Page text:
Student-run organization Period Equity at Brown is working to increase access to menstrual products on campus and across the state by holding period product drives and advocating for legislative change. Currently, the organization is hosting an on-campus drive to collect pads and tampons to distribute to local shelters serving community members experiencing houselessness.
Quinn Coleman ’23, PEB service director, and Irene Sung ’23, PEB advocacy director, conceptualized the organization after discovering their shared passion for period justice during their freshman year. Working with their co-founder Mina Kao ’23, PEB education director, the organization was formally approved by the Student Activities Office and began operations at the beginning of the fall semester.
Alongside holding drives, PEB aims to educate the Brown community on menstrual justice through weekly meetings.
Coleman, Sung and Kao agreed that the perceived lack of knowledge regarding menstruation among the general public was a major factor in founding the organization. After attending a global health conference featuring Nadya Okamoto, founder of Period Inc., an organization aimed at ending period poverty, Coleman realized how incomplete his knowledge about menstruation was. Period poverty describes a lack of access to affordable sanitary products.
“There’s so many other people who have less access to education and to that knowledge that I had,” Coleman said, prompting his interest in expanding education on menstruation.
The organization is also planning to engage in long-term advocacy. It plans to contact state representatives and advocate for the creation of a bill that would increase access to period products for incarcerated people in Rhode Island. Sung noted that period justice is a major issue in the nation’s prison system, and the club leaders see the current allocation of menstrual products in prisons as insufficient. “Supplying a few pads and tampons to incarcerated menstruators (is) not enough,” Sung said.
Sung explained that PEB’s next step is to contact state representatives on a regular basis in the hopes that the organization will eventually be able to contribute to the drafting of a bill. According to Sung, “accessibility is not just (providing) a few products every month,” but instead requires “unlimited accessibility” to menstrual products in both quantity and product type.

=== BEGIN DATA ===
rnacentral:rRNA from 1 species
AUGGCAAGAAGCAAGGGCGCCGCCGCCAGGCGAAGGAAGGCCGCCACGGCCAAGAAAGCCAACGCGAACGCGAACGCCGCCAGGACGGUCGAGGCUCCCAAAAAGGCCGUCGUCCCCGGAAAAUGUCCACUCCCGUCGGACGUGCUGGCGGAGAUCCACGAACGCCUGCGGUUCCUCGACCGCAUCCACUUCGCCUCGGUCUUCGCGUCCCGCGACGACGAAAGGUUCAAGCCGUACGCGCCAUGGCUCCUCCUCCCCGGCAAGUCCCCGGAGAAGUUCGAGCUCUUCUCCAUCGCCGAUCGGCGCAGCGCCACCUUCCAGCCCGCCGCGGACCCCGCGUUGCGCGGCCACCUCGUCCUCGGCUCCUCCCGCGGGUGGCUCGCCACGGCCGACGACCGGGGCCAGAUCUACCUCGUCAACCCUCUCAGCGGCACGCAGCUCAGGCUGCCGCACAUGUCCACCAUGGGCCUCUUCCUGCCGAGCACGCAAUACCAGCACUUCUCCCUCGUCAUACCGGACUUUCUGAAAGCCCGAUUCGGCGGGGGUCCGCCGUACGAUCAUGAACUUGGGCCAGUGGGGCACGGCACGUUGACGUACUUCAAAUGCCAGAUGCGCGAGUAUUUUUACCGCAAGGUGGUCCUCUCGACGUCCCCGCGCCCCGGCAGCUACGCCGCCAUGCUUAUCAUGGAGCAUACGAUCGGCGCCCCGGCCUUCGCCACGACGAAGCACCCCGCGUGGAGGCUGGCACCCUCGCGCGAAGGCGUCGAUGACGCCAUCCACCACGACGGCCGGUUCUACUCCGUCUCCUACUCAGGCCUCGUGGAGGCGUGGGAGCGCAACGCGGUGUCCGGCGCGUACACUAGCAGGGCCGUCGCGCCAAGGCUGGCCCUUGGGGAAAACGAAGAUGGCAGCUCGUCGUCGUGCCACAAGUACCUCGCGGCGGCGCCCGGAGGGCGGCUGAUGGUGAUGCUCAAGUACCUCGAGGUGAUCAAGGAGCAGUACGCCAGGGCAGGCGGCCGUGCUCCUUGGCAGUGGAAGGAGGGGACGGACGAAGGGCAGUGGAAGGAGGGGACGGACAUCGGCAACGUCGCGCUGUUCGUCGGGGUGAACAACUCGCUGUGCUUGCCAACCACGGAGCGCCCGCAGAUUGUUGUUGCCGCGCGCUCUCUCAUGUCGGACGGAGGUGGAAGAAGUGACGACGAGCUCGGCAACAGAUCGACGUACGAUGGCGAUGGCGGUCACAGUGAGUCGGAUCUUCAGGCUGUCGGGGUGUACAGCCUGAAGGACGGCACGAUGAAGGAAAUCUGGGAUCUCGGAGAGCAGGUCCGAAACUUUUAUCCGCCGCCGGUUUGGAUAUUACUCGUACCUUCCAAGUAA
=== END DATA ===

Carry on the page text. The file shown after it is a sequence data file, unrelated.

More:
Sung added that she started a project at her previous school in South Korea to provide free menstrual products in all bathrooms. But when she tried to host a period product drive at her school, the boxes were taken by faculty members — showing Sung how stigmatized menstruation is.
In early high school, “I didn’t even really think about … how this was just a given for me that I could always access pads and tampons,” Kao said. The challenges she encountered while trying to organize a sanitary product drive made her realize how hard it was to increase accessibility to menstrual products due to the social stigma surrounding it.
Ongoing efforts by menstrual justice advocates to change menstruation terminology to make it more inclusive — including the use of “menstruators” instead of “women” and “menstrual hygiene products” instead of “feminine hygiene products” — can make some even more uncomfortable when discussing menstruation, Coleman added. Still, the organization’s leaders agreed that inclusivity is an essential part of menstrual justice moving forward.
“We have a commitment to make it very clear that (fostering inclusivity) is what needs to happen,” Coleman said. “We need to change our language around menstrual hygiene products and menstruators.”
Sung noted that inclusive language will be applied to all of the organization’s advocacy efforts, including the legislation it aims to propose for increasing access to menstrual products in state prisons.
“It’s not just incarcerated women” who experience menstruation, she said. “These products should not just be in female bathrooms, but also gender-neutral bathrooms.”
The use of this terminology “is very, very important because that’s kind of the basis of what the Department of Corrections is going to follow,” Sung added. “That’s going to create our new standard and the new normal.”